ISEE – 5 Useful ISEE Tips

1. Don’t Study Above Your Level

There are three levels of tests that comprise the ISEE — lower, middle, and upper. Often, a test preparation company will advertise “ISEE Preparation” without specifying the level — this usually means upper-level only! Don’t study above your level! Students who should be preparing for the lower level ISEE should not be struggling to understand concepts that apply only to upper-level students! Instead of searching for ISEE preparation, search for your specific level, i.e. “ISEE Lower Level Preparation.” Which test your student needs to be take depends on the grade he or she is entering. Prospective fifth and sixth graders take the lower level; students entering seventh and eighth grade take the middle level; students seeking admission to high school (ninth through twelfth grades) take the upper level test. Parents might be tempted to help their students for a test above their level, in hopes that the content covered on the lower tests will be superseded by the more difficult material. Unfortunately, this isn’t always true. According to the ERB, who administers the test, it’s best to prepare for your own test level.

2. Begin Studying Early

Like any other exam, the ISEE requires diligent and steady practice to master. The best way to prepare your child is to begin early. Studies have consistently shown that it’s important to begin studying well in advance and not to cram. To begin, you should read What to Expect on the ISEE, a free guide issued by the Educational Records Bureau (ERB) which administers the exam. After this, you should begin working with your student at home and research various professional ISEE lower/mid/upper-level preparation courses. Don’t leave preparation to the last moment!

3. Know What’s on the Test in Advance

Standardized tests like the ISEE, with all the pressure and constraints they place upon the test-taker, are challenging. Why not make it easier by knowing what’s going to be on the test in advance? There are five sections on the ISEE: verbal reasoning, quantitative reasoning, reading comprehension, mathematics achievement, and an essay. Each section has a limited scope that is outlined in the ERB’s What to Expect on the ISEE. By knowing what material is covered on the exam, you can help your student focus their study to do their best on the ISEE. If your child needs help with specific topics, you should consider seeking professional test preparation, preferably a company which specializes in the correct level of the ISEE, to help make the most of your child’s educational opportunities.

4. Take Practice Tests

While studying the material on the test is an essential part of any preparation program, students must also be ready for the restrictions and time limits the ISEE imposes upon test-takers. Many test-takers face difficulty when timed or under pressure. The best way to mitigate anxiety and nervousness is to become comfortable with the structure of the test by taking many practice exams which reflect the structure of the real test-timed, without calculators, etc. Professional ISEE test preparation can be very helpful in this regard, but be conscious of whether companies use real ISEE exams or simulated ones. The makers of the ISEE limit access to good preparation materials; consequently, many third-party books available on the Internet and through some companies will attempt to simulate test questions — but in the end there is no substitute for the real thing. The best preparation materials will come from established test preparation companies like Testmasters, Kaplan, or Princeton Review, which have a history of helping people prepare for the ISEE.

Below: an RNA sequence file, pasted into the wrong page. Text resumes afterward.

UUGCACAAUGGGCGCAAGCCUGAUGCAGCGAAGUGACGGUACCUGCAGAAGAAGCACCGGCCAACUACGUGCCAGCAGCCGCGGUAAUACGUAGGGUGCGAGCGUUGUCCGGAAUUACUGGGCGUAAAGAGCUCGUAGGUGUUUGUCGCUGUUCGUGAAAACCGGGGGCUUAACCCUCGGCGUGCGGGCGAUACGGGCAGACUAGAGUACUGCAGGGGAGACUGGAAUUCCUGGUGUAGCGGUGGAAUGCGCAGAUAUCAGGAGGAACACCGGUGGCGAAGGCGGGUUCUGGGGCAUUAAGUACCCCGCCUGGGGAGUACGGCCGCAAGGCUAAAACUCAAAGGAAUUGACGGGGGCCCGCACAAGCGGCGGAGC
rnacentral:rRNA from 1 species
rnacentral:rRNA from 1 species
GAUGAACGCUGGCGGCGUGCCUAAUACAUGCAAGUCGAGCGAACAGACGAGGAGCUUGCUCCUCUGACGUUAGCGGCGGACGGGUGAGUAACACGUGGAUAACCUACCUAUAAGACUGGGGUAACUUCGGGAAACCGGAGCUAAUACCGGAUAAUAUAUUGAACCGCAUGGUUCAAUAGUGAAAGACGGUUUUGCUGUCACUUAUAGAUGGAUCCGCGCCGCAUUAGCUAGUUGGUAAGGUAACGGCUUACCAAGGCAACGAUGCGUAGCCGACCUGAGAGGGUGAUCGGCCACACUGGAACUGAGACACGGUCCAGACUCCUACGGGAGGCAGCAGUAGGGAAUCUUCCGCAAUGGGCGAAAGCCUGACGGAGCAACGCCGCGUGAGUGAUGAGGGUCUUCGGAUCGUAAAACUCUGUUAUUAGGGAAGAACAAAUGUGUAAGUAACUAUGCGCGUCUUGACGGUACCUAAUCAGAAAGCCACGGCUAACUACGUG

5. Practice Writing Essays

Even though the ISEE essay is ungraded, your student’s ISEE essay plays a critical role in the admissions process and cannot be neglected. The essay is sent on to the schools the student is applying to, where it is read by admissions committees. These committees will primarily be looking at the levels of maturity and organization displayed by your student’s essay; admissions officers will be most impressed by how clearly and coherently a student can communicate with written English. Another tip: don’t be negative! Nobody will admit a candidate who talks about how much he hates school, no matter how well the essay is written. Use practice essays from the ERB to start off with; consider ISEE test preparation programs that can provide professional feedback and guidance on essays.